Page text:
Like Francia, López had the overriding aim of defending and preserving Paraguay. He launched reforms with this goal in mind. Trade eased arms acquisitions and increased the state's income. Foreign experts helped build an iron factory and a large armory. The new railroad was to be used to transport troops. López used diplomacy to protect the state's interests abroad. Yet despite his apparent liberality, Antonio López was a dictator who held Paraguayans on a tight leash. He allowed Paraguayans no more freedom to oppose the government than they had had under Francia. Congress became his puppet, and the people abdicated their political rights, a situation enshrined in the 1844 constitution, which placed all power in López's hands.

Under López, Paraguay began to tackle the question of slavery, which had existed since early colonial days. Settlers had brought a few slaves to work as domestic servants, but were generally lenient about their bondage. Conditions worsened after 1700, however, with the importation of about 50,000 African slaves to be used as agricultural workers. Under Francia, the state acquired about 1,000 slaves when it confiscated property from the elite. López did not free these slaves; instead, he enacted the 1842 Law of the Free Womb, which ended the slave trade and guaranteed that the children of slaves would be free at age twenty-five. But the new law served only to increase the slave population and depress slave prices as slave birthrates soared.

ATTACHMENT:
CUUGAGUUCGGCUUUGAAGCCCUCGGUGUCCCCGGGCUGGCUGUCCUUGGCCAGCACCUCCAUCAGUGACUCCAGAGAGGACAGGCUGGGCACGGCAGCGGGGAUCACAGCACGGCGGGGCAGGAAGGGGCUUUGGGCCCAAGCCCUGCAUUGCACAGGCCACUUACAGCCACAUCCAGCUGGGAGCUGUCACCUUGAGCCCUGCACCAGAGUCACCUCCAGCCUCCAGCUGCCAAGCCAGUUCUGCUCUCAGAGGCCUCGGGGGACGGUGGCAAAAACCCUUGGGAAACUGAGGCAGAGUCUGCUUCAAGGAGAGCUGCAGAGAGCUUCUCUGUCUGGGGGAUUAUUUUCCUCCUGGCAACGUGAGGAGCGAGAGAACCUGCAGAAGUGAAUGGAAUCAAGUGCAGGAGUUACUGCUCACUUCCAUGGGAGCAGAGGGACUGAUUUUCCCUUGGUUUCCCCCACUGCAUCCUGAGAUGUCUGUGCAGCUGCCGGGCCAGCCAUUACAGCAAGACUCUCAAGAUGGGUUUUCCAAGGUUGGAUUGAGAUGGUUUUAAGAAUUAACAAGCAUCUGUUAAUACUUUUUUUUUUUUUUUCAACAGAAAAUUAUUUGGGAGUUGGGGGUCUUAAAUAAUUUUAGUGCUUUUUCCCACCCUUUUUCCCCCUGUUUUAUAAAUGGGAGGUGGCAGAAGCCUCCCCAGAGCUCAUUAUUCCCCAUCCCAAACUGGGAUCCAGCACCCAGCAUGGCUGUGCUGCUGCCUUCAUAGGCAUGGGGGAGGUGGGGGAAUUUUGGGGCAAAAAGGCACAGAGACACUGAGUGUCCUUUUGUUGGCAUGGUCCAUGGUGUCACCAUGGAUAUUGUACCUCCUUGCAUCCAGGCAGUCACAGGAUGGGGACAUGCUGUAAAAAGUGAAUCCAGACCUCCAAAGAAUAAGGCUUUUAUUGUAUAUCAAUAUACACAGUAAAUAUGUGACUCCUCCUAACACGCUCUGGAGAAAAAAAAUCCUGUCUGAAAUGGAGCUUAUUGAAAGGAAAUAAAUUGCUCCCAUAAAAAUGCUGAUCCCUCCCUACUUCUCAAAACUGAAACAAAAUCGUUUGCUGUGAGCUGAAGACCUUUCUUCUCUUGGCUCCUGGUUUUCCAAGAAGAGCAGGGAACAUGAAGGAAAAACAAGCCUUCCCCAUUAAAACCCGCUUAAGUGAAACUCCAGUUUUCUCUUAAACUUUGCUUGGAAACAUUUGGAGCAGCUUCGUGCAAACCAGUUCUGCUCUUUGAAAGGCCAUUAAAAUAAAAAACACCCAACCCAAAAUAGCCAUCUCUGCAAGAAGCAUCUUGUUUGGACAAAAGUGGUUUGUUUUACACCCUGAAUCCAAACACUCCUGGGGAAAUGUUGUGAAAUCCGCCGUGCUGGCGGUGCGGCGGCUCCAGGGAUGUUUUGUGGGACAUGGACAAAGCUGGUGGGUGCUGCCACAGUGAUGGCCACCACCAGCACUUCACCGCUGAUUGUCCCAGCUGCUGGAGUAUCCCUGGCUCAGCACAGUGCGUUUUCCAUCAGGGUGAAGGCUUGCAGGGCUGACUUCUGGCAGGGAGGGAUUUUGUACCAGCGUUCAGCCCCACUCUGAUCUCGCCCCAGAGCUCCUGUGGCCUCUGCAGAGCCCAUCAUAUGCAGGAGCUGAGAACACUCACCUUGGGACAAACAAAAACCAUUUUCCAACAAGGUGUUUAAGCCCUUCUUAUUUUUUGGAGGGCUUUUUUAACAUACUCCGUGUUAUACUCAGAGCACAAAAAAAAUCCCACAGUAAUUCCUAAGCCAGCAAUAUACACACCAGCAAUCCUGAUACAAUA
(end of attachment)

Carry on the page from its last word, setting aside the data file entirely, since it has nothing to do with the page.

Foreign relations began to increase in importance under López, who retained Paraguay's traditional mistrust of the surrounding states, yet lacked Francia's diplomatic adroitness. Initially López feared an attack by the Buenos Aires dictator Rosas. With Brazilian encouragement, López had dropped Francia's policy of neutrality and began meddling in Argentine politics. Using the slogan "Independence or Death," López declared war against Rosas in 1845 to support an unsuccessful rebellion in the Argentine province of Corrientes. Although complications with Britain and France prevented him from moving against Paraguay, Rosas quickly established a porteño embargo on Paraguayan goods. After Rosas fell in 1852, López signed a treaty with Buenos Aires that recognized Paraguay's independence, although the porteños never ratified it. In the same year, López signed treaties of friendship, commerce, and navigation with France and the United States. Nonetheless, growing tensions with several countries, including the United States, characterized the second half of López's rule. In 1858 the United States sent a flotilla to Paraguayan waters in a successful action to claim compensation for an American sailor who had been killed three years earlier.

Although he wore his distrust for foreigners like a badge of loyalty to the nation, López was not as cautious as he appeared. López recklessly dropped Francia's key policies of neutrality without making the hard choices and compromises about where his allegiances lay. He allowed unsettled controversies and boundary disputes with Brazil and Argentina to smolder. The two regional giants had tolerated Paraguayan independence, partly because Paraguay served to check the expansionist tendencies of the other. Both were satisfied if the other could not dominate Paraguayan affairs. At the same time, however, a Paraguay that was antagonistic to both Brazil and Argentina would give these countries a reason for uniting.

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Source: U.S. Library of Congress